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It's it possible for three planets to exist together in a braid like formation around their common central orbit. If it is then he would the night sky's constellations and important navigational stars, zodiac signs etc. change their position as the year progresses. Also how different would the night sky look as seen from any one planet. Any pictures would be if great help The planets I am thinking are mostly like earth in nature.

Assume each planet's common orbit (the centre of the braid) to be same as earth orbiting a star similar to our sun

I have read the other question is it possible to have three or more planets in a stable orbit together. But what I am curious about is the night sky from one of the planets' veiwpoint

Sorry I am unable to link the question which this has been cited duplicate of due to being on a smartphone and not a PC

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marked as duplicate by Hohmannfan, Thucydides, PipperChip, Brythan, AndyD273 Aug 15 '16 at 3:11

This question has been asked before and already has an answer. If those answers do not fully address your question, please ask a new question.

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By "a braid like formation around their common central orbit" I presume you're thinking of the way that Earth and the Moon have orbits that are both always concave towards the Sun, but cross over, and trying to generalise that to three planets?

You can't have three bodies of similar mass in a stable orbit like that. The configuration is unstable, and the slightest outside influence will have unpredictable effects on their orbits, probably ending up with two of them colliding. This is known as the "three-body problem."

The situation you probably could manage would be a planet somewhat larger than Earth, a main moon, and a smaller body in one of the Earth-Moon Trojan points that was large enough to be visible to the naked eye. It couldn't large enough to show much of a disc, but its motion would be obviously the same as the moon, leading or trailing it by sixty degrees. The only obvious difference in the night sky would be the Trojan moon.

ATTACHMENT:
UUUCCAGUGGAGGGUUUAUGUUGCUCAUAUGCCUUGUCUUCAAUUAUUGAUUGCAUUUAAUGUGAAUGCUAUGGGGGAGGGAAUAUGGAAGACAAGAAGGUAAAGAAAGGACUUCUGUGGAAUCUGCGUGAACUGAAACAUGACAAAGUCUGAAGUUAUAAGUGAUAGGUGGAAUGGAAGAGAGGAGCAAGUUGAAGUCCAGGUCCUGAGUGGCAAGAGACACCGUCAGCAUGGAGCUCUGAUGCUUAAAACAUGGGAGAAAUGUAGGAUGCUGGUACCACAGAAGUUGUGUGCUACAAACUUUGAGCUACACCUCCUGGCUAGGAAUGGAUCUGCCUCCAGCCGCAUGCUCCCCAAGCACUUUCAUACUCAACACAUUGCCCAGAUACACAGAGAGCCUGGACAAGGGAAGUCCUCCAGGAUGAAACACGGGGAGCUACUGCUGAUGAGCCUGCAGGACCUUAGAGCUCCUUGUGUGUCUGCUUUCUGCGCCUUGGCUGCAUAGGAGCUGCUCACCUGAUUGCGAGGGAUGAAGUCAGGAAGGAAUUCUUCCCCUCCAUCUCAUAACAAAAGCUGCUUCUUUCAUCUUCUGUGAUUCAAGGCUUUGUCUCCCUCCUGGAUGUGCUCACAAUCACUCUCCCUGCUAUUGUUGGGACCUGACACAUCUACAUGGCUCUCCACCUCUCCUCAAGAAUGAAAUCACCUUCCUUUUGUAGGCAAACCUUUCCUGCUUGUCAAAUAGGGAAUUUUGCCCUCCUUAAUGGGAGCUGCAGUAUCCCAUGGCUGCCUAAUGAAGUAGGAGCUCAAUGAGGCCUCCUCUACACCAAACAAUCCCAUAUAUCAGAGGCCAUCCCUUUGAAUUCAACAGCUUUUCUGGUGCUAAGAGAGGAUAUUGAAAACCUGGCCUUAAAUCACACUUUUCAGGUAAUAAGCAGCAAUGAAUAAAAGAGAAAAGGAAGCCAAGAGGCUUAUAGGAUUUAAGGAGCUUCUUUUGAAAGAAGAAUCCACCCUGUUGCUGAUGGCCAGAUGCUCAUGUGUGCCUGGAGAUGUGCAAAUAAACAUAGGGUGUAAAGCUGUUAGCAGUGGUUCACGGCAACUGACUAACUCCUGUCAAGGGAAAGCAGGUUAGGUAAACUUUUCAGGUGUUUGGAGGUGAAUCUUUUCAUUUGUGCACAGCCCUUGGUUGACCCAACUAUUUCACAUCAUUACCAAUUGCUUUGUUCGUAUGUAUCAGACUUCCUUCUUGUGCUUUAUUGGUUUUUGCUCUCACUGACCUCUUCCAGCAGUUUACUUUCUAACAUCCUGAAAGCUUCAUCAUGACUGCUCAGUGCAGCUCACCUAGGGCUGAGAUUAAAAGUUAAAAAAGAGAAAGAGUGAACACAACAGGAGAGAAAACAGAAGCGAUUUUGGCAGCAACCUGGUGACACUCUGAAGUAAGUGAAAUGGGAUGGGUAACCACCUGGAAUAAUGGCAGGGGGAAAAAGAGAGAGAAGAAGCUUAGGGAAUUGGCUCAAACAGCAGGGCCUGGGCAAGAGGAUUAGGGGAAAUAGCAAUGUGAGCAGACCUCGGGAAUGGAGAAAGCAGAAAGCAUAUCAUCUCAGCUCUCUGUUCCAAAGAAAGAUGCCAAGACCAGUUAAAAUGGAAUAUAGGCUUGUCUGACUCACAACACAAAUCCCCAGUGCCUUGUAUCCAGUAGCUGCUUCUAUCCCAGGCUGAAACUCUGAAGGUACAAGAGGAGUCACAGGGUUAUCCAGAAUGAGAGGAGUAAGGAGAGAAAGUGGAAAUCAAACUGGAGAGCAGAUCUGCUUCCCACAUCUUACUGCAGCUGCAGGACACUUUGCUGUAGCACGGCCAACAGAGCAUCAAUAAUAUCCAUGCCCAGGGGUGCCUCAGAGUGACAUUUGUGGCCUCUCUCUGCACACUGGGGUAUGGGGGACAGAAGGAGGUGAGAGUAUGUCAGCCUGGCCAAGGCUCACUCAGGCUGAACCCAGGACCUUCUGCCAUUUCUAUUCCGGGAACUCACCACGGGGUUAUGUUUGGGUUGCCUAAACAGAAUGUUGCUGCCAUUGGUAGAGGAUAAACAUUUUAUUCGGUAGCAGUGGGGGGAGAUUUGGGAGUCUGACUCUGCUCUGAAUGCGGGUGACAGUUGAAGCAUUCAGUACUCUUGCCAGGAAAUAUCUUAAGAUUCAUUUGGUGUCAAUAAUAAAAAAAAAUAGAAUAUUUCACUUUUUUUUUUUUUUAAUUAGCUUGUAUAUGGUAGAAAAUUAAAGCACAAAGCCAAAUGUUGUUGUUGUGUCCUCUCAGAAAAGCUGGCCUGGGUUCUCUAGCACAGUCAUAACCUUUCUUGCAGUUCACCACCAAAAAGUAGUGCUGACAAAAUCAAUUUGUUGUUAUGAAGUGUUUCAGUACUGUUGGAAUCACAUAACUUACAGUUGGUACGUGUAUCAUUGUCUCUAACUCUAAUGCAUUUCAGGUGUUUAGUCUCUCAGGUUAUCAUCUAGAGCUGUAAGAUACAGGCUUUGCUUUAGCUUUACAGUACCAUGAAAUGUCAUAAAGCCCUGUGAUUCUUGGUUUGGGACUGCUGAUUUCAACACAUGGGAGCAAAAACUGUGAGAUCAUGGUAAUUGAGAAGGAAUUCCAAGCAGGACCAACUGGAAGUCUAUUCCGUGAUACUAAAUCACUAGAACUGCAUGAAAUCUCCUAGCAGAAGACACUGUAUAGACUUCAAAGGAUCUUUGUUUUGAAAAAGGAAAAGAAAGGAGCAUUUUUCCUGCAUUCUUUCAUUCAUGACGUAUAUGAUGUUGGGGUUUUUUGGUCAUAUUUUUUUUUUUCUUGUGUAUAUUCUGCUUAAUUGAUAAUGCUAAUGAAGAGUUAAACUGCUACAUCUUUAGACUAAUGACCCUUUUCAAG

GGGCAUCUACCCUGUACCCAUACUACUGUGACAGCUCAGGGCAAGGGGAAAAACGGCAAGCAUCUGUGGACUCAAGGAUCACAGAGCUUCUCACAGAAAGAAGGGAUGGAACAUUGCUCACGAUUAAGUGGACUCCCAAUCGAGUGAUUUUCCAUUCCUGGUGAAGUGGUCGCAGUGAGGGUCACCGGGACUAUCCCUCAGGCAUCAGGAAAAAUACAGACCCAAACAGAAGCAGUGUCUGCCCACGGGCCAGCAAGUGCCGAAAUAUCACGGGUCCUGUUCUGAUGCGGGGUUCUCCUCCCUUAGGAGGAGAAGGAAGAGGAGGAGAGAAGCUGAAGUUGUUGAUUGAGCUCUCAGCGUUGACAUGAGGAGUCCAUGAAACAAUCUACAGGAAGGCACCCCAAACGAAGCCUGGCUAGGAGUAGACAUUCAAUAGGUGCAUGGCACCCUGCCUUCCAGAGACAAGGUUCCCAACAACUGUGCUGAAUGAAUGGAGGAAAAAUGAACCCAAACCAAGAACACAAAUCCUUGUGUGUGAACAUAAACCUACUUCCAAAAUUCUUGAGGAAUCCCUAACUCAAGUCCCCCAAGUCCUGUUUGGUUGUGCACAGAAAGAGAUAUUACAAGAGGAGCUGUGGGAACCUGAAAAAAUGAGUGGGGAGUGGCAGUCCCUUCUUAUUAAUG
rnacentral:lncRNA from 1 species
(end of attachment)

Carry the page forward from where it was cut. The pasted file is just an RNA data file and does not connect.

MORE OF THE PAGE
Even if your three Earths situation were possible, it would not make any obvious difference to the constellations and stars used for navigation. They're made up of stars, not planets, and those stars are at such great distances that the more complicated motions of the planets would not affect the naked-eye positions of the stars. The constellations and signs of the zodiac are human inventions, and don't correspond to anything physical.

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    $\begingroup$ Scott Manley has a video on a few n-body Universe Sandbox² presets that demonstrate exactly this effect. $\endgroup$ – Jonathan Dickinson Aug 15 '16 at 7:57
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Perhaps not planets, but satellites of a larger dark-body planetoid.

John Dallman's answer is great, but as valuable as a "no" answer in the right place is, it's also fun to see what we have to do to make it a "yes." We have plenty of planets in our own solar system that maintain multiple satellites in a stable orbit, and the movement of these satellites around their respective host planets could be described as braid-like. If you replace the planet in any of these systems with an identically-massed dark-body (maybe a black hole shielded from accreting matter and exuding Hawking radiation, maybe just some unexplained "exotic matter", maybe an artificial gravitation source), it might appear at first blush that you have three or more planets orbiting one another in the way you suggest.

One fun thing about this, though, is that our history of astronomy would be utterly impossible in this planetary configuration. What would Kepler do if he looked up and saw what you describe? Run screaming back to Ptolemaic astronomy, most likely.

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  • $\begingroup$ A planet mass black hole will be of lower "temperature" than the cmb. Hawking radiation will be negligible. The black hole will be 1-2cm in size. $\endgroup$ – Donald Hobson Aug 14 '16 at 17:37
  • $\begingroup$ Fair enough, @DonaldHobson! I was also thinking that gravitational lensing might be noticeable even with the naked eye if the black hole (or other small, strong gravitator) eclipsed one of the neighboring "planets"/satellites. I'm just not imaginative to say how the ancient mind would react to that kind of thing. $\endgroup$ – SudoSedWinifred Aug 14 '16 at 21:10
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    $\begingroup$ An ingenuous solution. The three moons would be orbiting a common centre of mass, albeit an invisible one. It's easy to adjust the mass of the black hole to whatever is necessary for three earth-mass satellites. This is better than a braided planets scenario. From any one planet, they would see the other planets dancing and whirling in the sky. With short term changes in their zodiac on an almost daily basis. Good for navigation & timekeeping too. One up from me. $\endgroup$ – a4android Aug 15 '16 at 2:18

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